If you’re an awareness writer, in a certain sense, you don’t get to choose what you’ll write about. You write about what’s right there in front of you.
I haven’t processed a vasana in a while and I actually feel a little rusty. But I begin to get to work on the loneliness that I feel that doesn’t go away of its own volition and that’s right there in front of me.
I notice that it strikes at certain times of the day and not at others. That time is right after dinner, what would be for me quiet time, relaxing time, and often relationship time.
It’s the time when most people are at home with their families. Skype stops ringing. The email stops flowing. There’s less to do. All goes quiet for the night.
It’s at this time that I realize that there’s no one for me to contact, no family to see, no partner to touch bases with.
The feeling that then arises is like a yawning drag on me. It’s like a force that seems to want to suck me under. It must be one of the least pleasant feelings I’m aware of, save perhaps for humiliation.
I begin to process it. The last time I experienced lingering loneliness in around 2004, it took six months to complete the experience. I did not at the time know how to process a root vasana. Let’s see how processing works.
When I ask my mind to reflect back to me a picture, a word, a thought relating to the origins of this feeling, (1) the first thing I hear is my Dad calling me a lazy, no-good good-for-nothing. I remember how I used to “barricade” myself in my room to stay away from him. But that doesn’t bring any release from these feelings. So that’s a tunnel with no cheese.
I next get a picture of three young boys playing a trick on me. When I came to where I was to join them for a day of play, all three suddenly took off and vanished in different directions.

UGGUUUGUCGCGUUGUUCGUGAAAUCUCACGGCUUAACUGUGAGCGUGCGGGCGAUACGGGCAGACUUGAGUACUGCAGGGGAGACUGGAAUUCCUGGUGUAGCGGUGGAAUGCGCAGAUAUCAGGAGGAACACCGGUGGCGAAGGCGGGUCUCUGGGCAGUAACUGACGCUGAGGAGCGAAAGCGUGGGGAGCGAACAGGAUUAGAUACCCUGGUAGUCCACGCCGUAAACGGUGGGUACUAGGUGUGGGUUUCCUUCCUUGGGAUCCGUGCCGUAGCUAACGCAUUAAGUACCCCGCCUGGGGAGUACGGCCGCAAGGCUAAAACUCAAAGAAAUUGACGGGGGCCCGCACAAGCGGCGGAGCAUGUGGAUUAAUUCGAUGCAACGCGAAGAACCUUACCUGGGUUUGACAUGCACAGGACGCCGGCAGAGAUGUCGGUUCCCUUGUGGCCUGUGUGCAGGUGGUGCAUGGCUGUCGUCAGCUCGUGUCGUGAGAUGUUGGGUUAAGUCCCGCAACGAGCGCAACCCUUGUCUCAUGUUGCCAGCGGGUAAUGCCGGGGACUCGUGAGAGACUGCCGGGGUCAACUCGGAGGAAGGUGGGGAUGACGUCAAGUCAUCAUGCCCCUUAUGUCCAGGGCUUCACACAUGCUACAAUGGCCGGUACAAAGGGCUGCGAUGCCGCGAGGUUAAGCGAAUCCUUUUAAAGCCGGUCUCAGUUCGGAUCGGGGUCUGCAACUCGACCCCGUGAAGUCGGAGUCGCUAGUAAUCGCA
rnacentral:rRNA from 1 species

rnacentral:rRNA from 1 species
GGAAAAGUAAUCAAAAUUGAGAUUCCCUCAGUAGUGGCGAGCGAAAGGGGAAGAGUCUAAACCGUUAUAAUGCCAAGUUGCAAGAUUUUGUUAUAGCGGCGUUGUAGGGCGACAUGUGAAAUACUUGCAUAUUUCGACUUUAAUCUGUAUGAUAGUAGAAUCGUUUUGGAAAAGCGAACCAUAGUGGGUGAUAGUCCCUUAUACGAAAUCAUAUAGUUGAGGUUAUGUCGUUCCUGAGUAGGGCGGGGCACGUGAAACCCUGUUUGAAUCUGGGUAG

While it was a simple prank, I didn’t know what had happened at the time. It cut me deeply and, afterwards, I walked home slowly and sadly. I responded by cutting myself off from my friends and going further inward.
Seeing this last memory from a distant past, I’d say around twenty percent of the loneliness lifts. The release I feel indicates that this incident was probably part of the root of this vasana. Lots of cheese down this tunnel.
I look some more.
I go back and have a distant memory of Mom going into the hospital. I remember how lonely it was without her. But I cannot recover that memory any more clearly than that. The vague recollection does not lead to release so that incident doesn’t seem significant to this unwanted condition.
Then I remember my Mom and Dad going on a trip and leaving us with a Scottish woman, Mrs. Burns, who lived up to her name by burning whatever she cooked. Again more loneliness without Mom and Dad.
Another perhaps 30% of the loneliness lifts so that separation from Mom and Dad did play a large part in this vasana.
The loneliness has now downgraded to an indistinct sadness. This is manageable and so it could slip off my radar at this point.
But I persevere. I ask myself what this sadness relates to and this now relates to more current events, which I draw a veil of discrete silence over. But it’s enough to notice it and another 10% of the unwanted feelings lift. I’m now distinctly back in the tolerable range.
The loneliness has lifted and I’m back to normal. I didn’t think it would yield to processing but it has, until tomorrow night perhaps. We’ll see.
But if it returns, or if something underneath it arises, such as sadness or depression, I’ll walk through the same process with that until all of it is seen and lifts. I may not have to spend six months at this, after all. (2)
(1) If I find the original incident, the “seed” or root of the vasana, the truth of it will set me free, just as Jesus said. If I’m not set free by something I see in this process, then that something is not the truth or origin of my vasana. I have to keep going in that case.
(2) The best channeled treatment of this process is from Jesus: “Jeshua via Pamela Kribbe: The Third Way,” at http://goldenageofgaia.com/2014/01/26/jeshua-the-third-way/.